Are you a big Bob Dylan fan? Probably not as big as this Swedish research team who consistently works lyrics from their favorite Bob Dylan songs into the headlines of their research articles. Professors John Lundberg and Eddie Weitzberg from the Karolinska Institutet in Stockholm started referencing the Tambourine Man 17 years back after an article on gas passing through the intestines garnered the title, “Nitric Oxide and inflammation: The answer is blowing in the wind.”

“We both really liked Bob Dylan and we thought the quotes really fitted nicely with what we were trying to achieve with the title,” Weitzberg told The Local. “We’re not talking about scientific papers — we could have got in trouble for that — but rather articles we have written about research by others, book introductions, editorials and things like that.”

Since their original use of the folk singer’s lyrics in the title of their research papers, Weitzberg and Lundberg have been joined by three other Swedish researchers looking to merge the worlds of medicine and all things Dylan. They even have an ongoing bet to see who can work the most lyrics from the iconic American singer-songwriter into their titles before they retire. The winner will receive an all-expense paid lunch at a restaurant close to the university their research is conducted at.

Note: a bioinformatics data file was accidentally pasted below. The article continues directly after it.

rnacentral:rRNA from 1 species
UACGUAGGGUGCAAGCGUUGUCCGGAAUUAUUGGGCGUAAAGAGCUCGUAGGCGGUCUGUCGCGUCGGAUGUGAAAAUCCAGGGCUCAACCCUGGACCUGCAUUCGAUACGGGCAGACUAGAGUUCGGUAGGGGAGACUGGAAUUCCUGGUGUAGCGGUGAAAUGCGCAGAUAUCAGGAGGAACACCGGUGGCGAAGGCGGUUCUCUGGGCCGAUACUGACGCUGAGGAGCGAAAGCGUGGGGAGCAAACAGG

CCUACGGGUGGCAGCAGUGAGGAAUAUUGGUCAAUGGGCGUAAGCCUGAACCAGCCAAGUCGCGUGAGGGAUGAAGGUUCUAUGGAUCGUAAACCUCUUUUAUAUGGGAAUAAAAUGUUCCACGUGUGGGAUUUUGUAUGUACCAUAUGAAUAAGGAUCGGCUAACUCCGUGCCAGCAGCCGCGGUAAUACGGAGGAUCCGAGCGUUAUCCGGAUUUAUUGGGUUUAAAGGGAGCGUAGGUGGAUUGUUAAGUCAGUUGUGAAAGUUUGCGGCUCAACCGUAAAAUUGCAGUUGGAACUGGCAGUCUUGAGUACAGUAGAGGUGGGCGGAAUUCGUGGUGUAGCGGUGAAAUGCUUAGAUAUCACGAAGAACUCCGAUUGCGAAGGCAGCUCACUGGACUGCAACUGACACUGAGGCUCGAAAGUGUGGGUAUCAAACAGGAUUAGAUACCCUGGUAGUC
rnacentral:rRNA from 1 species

Professor of Cardiovascular Research Kenneth Chein through his hat into the ring with “Tangled up in blue: Molecular cardiology in the postmolecular era.” Another title used by the researchers not only incorporated Dylan lyrics, but also an album: “Blood on the tracks: a simple twist of fate.” They decided to stick with research articles after realizing that that addition of “The times they are a-changing” to a scientific paper may not go over so well with other health care professionals.

"We really are not the only ones who try to be smart and catchy in our headlines,” Weitzberg added. "If you read other scientific articles you'll find people trying to be clever in different ways.” When asked “how does it feel?” (a subtle reference to Dylan’s Like a Rolling Stone) in regard to the recognition he and his colleagues have received, Weitzberg laughed and responded, “I would much rather become famous for my scientific work than for my Bob Dylan quotes. But yes, I am enjoying this!”